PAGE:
Graphs taken from The Media Business
Newspapers might be having trouble retaining their classified advertising, but Robert G Pickard on The Media Business blog reckons that’s not solely down to internet competition, and nor is it certainly fatal. He offers two graphs (above, using data from Newspaper Association of America and the Internet Advertising Bureau) to prove his point:
The Internet certainly is taking some money from newspapers, but it isn’t the worst culprit. The real competitor is direct mail and home delivery advertising that have taken much preprint and display advertising from newspapers in recent decades by delivering better household reach. That was compounded by the significant reduction in the number of large retailers in the late 1990s and 2000s. The development of the recession in 2007 and 2008 is currently playing a major role because newspaper advertising—especially classifieds—is more strongly affected by recessions than other types of advertising. But recessions come and go and there is no reason to believe that an advertising recovery will not accompany an improvement in the economy. […]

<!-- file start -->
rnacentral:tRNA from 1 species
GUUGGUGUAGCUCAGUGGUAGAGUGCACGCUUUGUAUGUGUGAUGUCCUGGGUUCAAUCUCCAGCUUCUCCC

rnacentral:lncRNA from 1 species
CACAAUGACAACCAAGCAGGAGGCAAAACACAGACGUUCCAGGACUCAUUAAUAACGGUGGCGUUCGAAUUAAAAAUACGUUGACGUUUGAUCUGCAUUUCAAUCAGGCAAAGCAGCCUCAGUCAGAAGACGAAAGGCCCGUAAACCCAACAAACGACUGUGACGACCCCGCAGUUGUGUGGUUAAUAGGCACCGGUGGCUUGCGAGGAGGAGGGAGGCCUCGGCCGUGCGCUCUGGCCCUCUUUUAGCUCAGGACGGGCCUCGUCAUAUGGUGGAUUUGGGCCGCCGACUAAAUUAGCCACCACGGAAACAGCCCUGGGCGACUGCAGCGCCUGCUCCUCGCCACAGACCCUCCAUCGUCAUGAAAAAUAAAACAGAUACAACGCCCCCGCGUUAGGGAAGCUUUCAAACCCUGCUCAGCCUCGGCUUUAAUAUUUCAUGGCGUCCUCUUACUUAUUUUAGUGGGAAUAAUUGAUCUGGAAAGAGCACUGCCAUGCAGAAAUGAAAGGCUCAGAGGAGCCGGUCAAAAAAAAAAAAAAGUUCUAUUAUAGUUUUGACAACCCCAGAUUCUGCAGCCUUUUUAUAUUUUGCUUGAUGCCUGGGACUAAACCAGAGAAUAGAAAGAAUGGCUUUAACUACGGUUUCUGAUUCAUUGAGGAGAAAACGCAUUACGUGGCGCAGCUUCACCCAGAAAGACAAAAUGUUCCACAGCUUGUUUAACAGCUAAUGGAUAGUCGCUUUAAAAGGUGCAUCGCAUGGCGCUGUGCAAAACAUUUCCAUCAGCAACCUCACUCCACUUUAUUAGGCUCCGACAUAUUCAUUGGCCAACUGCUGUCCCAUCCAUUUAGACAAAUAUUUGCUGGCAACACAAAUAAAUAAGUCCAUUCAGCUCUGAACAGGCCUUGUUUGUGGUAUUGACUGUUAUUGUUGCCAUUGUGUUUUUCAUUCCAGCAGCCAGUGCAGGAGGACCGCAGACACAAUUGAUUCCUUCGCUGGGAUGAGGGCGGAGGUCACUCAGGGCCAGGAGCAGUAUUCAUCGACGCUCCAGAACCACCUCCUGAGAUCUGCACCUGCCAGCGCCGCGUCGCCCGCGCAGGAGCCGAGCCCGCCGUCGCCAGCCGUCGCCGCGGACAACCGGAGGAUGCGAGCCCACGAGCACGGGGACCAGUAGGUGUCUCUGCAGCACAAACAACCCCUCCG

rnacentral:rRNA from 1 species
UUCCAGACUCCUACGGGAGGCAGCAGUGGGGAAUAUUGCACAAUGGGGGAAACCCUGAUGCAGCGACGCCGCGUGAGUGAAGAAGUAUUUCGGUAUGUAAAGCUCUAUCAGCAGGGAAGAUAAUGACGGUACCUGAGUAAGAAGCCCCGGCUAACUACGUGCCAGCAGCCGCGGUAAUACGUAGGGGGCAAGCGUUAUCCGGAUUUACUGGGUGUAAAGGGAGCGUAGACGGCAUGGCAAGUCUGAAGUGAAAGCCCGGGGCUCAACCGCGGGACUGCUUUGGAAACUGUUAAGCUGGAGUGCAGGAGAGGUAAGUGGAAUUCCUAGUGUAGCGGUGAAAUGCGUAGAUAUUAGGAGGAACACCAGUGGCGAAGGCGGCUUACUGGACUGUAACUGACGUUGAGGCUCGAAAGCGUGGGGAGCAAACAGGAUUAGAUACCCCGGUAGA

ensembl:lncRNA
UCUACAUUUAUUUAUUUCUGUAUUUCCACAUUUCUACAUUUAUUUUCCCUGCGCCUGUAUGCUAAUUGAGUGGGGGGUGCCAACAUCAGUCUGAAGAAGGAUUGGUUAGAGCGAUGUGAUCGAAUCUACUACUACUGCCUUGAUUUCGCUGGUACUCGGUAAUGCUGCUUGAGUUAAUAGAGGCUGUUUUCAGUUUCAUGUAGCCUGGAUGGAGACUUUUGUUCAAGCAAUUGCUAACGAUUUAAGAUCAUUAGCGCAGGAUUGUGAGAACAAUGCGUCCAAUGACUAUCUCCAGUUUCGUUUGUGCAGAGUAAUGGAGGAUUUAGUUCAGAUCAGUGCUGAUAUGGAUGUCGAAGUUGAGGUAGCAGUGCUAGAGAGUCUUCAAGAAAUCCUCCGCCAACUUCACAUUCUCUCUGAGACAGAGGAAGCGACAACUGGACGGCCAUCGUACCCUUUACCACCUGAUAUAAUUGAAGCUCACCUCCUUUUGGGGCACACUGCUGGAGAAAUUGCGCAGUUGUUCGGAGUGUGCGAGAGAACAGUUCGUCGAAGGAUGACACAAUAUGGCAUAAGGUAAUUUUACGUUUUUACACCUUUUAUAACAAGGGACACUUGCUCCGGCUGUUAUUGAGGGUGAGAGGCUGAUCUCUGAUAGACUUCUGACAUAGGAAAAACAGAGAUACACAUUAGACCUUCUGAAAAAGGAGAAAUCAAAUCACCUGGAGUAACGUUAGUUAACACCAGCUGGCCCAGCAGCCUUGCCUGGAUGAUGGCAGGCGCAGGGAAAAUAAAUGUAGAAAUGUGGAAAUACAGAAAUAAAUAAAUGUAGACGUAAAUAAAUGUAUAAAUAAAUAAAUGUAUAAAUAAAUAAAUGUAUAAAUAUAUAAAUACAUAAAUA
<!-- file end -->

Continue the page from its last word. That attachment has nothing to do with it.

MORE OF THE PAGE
The end for newspapers is not in sight and those who think that the $50 billion industry is going to collapse and disappear within a year or two because of Internet advertising are just not paying attention close enough attention to what is really happening across media industries.
Measuring the market value isn’t an especially good way to judge the effect of online competition on print ad spending: an online listing is cheaper than one in a newspaper, so every customer who deserts print for the internet will only take a small portion of their advertising spend with them. And while Pickard is correct when he says it’s not just the internet squeezing advertising away from print, it still seems to take a mighty squint to get these figures looking good for newspapers.
Classified advertising revenue for newspapers continues to plummet dramatically according to both graphs – whether or not that revenue is being diverted to online services, newspapers still aren’t getting it, and publications who have formerly relied on their small ads can’t depend on getting them back when the recession is through.
© Sarah Ditum 2009